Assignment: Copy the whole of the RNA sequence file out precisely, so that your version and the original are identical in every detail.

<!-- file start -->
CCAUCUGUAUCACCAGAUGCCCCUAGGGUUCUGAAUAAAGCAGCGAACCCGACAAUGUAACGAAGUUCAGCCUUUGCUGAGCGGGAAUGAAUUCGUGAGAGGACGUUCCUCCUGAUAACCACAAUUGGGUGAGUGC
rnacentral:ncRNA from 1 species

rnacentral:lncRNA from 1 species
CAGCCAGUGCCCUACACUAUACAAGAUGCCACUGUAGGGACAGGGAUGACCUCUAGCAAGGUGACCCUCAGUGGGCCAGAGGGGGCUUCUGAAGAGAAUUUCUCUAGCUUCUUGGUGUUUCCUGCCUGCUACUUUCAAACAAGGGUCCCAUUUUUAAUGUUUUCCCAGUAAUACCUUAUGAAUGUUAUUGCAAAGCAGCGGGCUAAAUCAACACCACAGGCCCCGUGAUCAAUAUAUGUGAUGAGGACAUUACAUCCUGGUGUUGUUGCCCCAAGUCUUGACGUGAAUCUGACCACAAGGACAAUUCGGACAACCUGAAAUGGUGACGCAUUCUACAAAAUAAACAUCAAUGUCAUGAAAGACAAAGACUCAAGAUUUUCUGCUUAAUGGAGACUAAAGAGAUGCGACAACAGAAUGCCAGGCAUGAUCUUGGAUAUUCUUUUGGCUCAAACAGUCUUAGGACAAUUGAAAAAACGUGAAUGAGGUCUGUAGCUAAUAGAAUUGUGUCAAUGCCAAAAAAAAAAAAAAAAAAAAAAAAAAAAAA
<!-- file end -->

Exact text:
CCAUCUGUAUCACCAGAUGCCCCUAGGGUUCUGAAUAAAGCAGCGAACCCGACAAUGUAACGAAGUUCAGCCUUUGCUGAGCGGGAAUGAAUUCGUGAGAGGACGUUCCUCCUGAUAACCACAAUUGGGUGAGUGC
rnacentral:ncRNA from 1 species

rnacentral:lncRNA from 1 species
CAGCCAGUGCCCUACACUAUACAAGAUGCCACUGUAGGGACAGGGAUGACCUCUAGCAAGGUGACCCUCAGUGGGCCAGAGGGGGCUUCUGAAGAGAAUUUCUCUAGCUUCUUGGUGUUUCCUGCCUGCUACUUUCAAACAAGGGUCCCAUUUUUAAUGUUUUCCCAGUAAUACCUUAUGAAUGUUAUUGCAAAGCAGCGGGCUAAAUCAACACCACAGGCCCCGUGAUCAAUAUAUGUGAUGAGGACAUUACAUCCUGGUGUUGUUGCCCCAAGUCUUGACGUGAAUCUGACCACAAGGACAAUUCGGACAACCUGAAAUGGUGACGCAUUCUACAAAAUAAACAUCAAUGUCAUGAAAGACAAAGACUCAAGAUUUUCUGCUUAAUGGAGACUAAAGAGAUGCGACAACAGAAUGCCAGGCAUGAUCUUGGAUAUUCUUUUGGCUCAAACAGUCUUAGGACAAUUGAAAAAACGUGAAUGAGGUCUGUAGCUAAUAGAAUUGUGUCAAUGCCAAAAAAAAAAAAAAAAAAAAAAAAAAAAAA